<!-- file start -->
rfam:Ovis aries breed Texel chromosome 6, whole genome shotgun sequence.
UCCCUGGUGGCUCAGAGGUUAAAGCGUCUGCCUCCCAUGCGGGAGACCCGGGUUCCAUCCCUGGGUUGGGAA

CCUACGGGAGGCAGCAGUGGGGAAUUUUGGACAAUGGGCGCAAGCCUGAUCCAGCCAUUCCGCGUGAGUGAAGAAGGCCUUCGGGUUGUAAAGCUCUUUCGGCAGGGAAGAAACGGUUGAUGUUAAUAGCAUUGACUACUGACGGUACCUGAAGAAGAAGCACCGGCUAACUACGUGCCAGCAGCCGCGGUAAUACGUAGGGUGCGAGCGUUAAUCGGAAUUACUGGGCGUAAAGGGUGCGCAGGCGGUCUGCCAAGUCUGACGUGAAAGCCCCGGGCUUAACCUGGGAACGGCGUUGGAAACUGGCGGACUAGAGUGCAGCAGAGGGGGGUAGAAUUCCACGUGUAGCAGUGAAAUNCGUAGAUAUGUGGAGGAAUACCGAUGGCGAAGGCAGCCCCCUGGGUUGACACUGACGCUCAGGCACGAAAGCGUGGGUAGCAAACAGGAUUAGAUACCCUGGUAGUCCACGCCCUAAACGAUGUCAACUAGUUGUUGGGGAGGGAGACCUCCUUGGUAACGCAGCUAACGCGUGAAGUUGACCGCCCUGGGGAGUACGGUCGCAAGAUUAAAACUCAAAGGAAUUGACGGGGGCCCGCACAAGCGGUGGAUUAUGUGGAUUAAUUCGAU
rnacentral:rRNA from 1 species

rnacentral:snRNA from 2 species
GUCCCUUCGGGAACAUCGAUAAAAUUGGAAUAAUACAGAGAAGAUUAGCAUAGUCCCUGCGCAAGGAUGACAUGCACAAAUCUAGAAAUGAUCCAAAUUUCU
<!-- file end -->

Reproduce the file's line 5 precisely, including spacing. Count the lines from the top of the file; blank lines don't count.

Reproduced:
rnacentral:snRNA from 2 species